This quote has been blowing my mind ever since last week.***
I mean…… I am an educator. Hope is the fuel of educators. Hope is what gets us through the day, when we stare at a kid and envision his despicable adult-self as a mashup-CEO-from-hell of a company like Enron, and yet we continue to TRY and teach him to say, “I’m wrong” and “I’ll stop talking about myself and listen to you.” Hope is what gets us through the day when we learn another kid has been traumatized by watching his uncle get murdered on the street, yet we keep trying to reach him, despite the fact he’s alternately spaced-out and punching people, and you only get to reach him for 45 minutes a day, and that doesn’t include giving him food or shelter.
We need hope. Without hope, sometimes, we have no reason to continue.
And yet I feel Chodron when she writes, “Hope robs us of the present moment…. [Hope is when] We feel that there is something missing in us.”
As I’ve understood it:
* If I hope I’ll learn to stop burning holes in metal pots because I keep forgetting I’ve boiled water = I see I’m missing that ability right now.
* If I hope I’ll start feeling “heard” and “safe” in a relationship = I see it’s lacking the respectful, adult communication it needs in order to function like a respectful, adult relationship.
* If I hope for police brutality to stop = I see our society is missing racial equality.
So here’s what I want to know:
What is the tipping point between HOPE and REALITY?
A woman in an abusive relationship might hope her husband will recover from his alcoholism, and that in turn will improve their relationship. Yet should her hope in his recovery be so strong that she’s willing to overlook the reality of her husband beating her? Probably not, especially if it’ll end with her death.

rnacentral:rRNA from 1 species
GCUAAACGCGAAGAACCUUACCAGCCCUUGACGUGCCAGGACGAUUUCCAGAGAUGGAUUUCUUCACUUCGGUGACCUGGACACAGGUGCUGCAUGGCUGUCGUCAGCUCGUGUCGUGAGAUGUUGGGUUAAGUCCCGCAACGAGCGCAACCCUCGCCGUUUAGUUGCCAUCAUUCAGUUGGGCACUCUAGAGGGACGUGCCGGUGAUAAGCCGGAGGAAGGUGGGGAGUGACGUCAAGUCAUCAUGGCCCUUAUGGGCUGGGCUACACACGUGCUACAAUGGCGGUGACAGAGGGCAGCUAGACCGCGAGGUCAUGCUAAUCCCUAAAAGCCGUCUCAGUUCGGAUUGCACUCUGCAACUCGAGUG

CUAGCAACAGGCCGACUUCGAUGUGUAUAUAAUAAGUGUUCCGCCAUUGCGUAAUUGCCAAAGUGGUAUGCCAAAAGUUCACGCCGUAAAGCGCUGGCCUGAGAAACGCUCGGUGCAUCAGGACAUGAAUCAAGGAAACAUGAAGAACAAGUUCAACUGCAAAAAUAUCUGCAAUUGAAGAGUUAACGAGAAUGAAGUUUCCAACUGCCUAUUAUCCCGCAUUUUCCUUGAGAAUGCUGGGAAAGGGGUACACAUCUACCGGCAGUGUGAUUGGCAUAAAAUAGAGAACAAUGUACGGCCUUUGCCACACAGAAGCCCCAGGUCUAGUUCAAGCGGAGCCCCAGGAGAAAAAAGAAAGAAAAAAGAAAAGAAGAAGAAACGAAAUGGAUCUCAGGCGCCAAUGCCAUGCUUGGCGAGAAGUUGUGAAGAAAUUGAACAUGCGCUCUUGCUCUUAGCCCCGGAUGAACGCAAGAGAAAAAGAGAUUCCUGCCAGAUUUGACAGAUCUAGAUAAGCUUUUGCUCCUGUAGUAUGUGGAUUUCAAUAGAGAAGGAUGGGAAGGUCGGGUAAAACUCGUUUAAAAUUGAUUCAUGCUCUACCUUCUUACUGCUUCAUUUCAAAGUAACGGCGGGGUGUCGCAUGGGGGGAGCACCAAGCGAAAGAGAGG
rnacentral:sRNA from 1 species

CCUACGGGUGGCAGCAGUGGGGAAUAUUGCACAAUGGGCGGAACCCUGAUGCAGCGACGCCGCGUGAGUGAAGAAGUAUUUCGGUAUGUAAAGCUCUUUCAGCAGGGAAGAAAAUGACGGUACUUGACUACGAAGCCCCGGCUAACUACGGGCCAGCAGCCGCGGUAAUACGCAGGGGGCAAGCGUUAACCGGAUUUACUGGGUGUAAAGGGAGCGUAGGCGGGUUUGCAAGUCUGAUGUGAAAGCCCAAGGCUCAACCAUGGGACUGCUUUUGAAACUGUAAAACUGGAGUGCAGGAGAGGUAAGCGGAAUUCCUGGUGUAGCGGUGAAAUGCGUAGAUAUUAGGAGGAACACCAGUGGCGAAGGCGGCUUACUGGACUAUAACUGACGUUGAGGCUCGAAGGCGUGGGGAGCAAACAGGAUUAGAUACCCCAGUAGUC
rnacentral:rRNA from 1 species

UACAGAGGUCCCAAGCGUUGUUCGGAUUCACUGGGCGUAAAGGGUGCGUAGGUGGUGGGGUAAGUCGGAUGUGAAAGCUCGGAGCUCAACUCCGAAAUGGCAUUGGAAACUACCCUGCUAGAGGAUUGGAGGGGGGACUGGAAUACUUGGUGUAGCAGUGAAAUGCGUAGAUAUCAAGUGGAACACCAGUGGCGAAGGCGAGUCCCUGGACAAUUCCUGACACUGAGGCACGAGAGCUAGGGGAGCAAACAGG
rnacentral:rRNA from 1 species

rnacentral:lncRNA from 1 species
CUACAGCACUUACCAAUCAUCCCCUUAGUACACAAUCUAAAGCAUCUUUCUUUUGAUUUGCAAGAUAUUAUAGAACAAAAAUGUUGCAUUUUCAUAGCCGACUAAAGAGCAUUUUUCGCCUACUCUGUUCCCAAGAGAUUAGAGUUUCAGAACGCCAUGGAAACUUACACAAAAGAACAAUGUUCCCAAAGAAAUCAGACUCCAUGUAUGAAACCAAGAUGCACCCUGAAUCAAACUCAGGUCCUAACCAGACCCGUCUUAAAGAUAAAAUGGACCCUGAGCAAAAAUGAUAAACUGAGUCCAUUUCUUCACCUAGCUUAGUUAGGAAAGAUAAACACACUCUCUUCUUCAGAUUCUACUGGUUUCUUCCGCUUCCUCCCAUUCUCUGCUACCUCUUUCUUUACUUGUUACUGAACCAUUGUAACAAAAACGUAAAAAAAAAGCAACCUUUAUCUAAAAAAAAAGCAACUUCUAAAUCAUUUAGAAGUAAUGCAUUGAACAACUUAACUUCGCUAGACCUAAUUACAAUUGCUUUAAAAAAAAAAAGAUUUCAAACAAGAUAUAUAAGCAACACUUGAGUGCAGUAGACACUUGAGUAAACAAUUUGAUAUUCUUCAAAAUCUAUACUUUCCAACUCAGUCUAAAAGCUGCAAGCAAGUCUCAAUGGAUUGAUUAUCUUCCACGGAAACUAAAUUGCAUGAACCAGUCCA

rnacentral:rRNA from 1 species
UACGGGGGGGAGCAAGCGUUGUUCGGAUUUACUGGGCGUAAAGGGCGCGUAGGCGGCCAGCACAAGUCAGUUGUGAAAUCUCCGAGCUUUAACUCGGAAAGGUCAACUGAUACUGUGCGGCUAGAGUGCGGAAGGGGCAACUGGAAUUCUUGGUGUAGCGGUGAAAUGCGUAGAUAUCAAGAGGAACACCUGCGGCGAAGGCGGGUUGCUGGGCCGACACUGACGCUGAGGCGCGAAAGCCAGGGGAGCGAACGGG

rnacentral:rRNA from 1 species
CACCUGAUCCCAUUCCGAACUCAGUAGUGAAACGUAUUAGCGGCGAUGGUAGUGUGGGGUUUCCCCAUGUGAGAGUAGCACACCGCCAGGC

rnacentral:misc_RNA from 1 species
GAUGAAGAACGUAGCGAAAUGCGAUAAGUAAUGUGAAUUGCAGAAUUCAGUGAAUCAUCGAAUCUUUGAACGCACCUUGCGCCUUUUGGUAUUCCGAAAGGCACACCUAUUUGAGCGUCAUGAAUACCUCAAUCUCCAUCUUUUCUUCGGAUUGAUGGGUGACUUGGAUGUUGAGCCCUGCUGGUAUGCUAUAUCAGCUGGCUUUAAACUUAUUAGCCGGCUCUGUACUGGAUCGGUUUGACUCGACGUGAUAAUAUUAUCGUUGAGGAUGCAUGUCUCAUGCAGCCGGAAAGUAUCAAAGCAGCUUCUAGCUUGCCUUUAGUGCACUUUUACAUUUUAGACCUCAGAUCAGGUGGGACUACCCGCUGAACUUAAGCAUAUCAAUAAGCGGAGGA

That’s a tipping point.
But it’s extreme. So where do I draw the line? At what point am I hoping for so much that I am denying reality of the present moment?
If I look back at my life through the framework of Hope and Reality, I see how Hope has carried me through so many of my relationships; I can see how I stuck with relationships for months and months after the reality of growth and fulfillment faded, and the hope had to fill in the holes.
Sometimes, I have had too much hope. And that has hurt me, because I’ve been too willing to overlook my present needs.
When has hope actually decreased my happiness, because it has blinded me to the present?
Should I just let go of “hope” — because that may actually make me more accepting, and therefore happier?
This blog post has been brought to you by 4 days of solitude, Pema Chodron, and things falling apart.
Also, if you have answers to my questions, please, share the wisdom.
***I don’t jive with Chodron’s definition of “hope” as “someone else knows what is going on,” because I don’t believe in an omnipresent God that rules us all. I don’t really think anyone else has the answers, either. Everything else in the quote, yes, makes perfect sense to me.